But our heroine wont give up. She runs up to his room as a last ditch effort. Maxim is surprised, but our heroine tells him she needed to say goodbye.
Maxim “proposes”. He basically asks her “do you prefer New York or Manderly?” Gosh, these classic English dudes need to earn better proposals.
Maxim trying to figure out where it all went wrong.
She thinks he wants a secretary. That always cracks me up. He tells her, I’m asking you to marry me. Well, you can’t blame her-your proposal sucked! A girl wants romance!
Our heroine is so in shock she falls into a chair. She doesn’t think they should marry as she is too far beneath him. He says I guess you don’t love me, and she spills her heart out. So young, so sweet.
He asks her to pour him coffee, and that he takes it with two lumps of sugar in coffee and tea. This scene reminds me of the film The Clock. These two strangers spend the day together, marry, and then he will be shipped out the next day-and at the end she has to ask him all the little details as they realize they know zero about each other.
I love how Maxim reveals how to Mrs. Van Hopper that they are going to be married. But Mrs. Hopper is such a toad and continues to boss our heroine around, trying to keep her on “her place.” She asks to speak to our heroine alone for a few minutes, and as soon as Maxim is gone she berates our heroine and acts like she is a floozy.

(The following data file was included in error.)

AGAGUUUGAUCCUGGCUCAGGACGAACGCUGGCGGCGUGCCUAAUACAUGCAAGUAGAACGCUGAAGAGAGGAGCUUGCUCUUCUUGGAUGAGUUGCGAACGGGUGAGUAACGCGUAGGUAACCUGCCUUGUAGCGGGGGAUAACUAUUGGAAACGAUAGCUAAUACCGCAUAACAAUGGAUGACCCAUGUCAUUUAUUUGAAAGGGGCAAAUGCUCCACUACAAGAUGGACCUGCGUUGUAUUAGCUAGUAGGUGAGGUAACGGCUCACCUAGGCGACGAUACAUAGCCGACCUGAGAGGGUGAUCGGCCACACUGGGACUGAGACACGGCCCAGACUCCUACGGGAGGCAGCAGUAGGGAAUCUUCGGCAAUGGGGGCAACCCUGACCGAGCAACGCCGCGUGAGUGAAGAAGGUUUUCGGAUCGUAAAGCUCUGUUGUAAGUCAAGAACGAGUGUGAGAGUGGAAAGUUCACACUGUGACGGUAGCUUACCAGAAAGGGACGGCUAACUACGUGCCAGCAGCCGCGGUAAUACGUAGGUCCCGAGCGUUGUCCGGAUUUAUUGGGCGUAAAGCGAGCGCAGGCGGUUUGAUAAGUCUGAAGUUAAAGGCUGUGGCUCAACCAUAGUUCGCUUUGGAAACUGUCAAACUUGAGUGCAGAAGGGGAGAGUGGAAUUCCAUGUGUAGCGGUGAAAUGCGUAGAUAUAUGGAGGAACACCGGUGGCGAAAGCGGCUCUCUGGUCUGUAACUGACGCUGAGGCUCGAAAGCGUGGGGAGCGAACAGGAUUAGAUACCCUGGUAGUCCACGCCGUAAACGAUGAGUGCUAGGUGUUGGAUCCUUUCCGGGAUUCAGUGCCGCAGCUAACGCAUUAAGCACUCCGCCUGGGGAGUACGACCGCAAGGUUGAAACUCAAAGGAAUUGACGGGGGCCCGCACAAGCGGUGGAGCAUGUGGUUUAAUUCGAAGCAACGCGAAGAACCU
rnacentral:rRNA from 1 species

She continues to berate her that she can’t be the mistress of Manderly and she’ll fail as she is no lady. She continues going on saying things like Maxim doesn’t love her, he went crazy after his wife died, and it still looks like he is. This lady!
The two marry in a small ceremony at the courthouse and Maxim is a much different person. Lighter, happy, in love-bright and shining just as our heroine.
They are so cute! But Hitchcock fans all know-it won’t last..
They have their honeymoon and go to Manderly, the place from the beginning. As they head in our heroine has a shiver. All seems bright, but that shiver and the rain-are major clues that unhappiness and coldness lie ahead.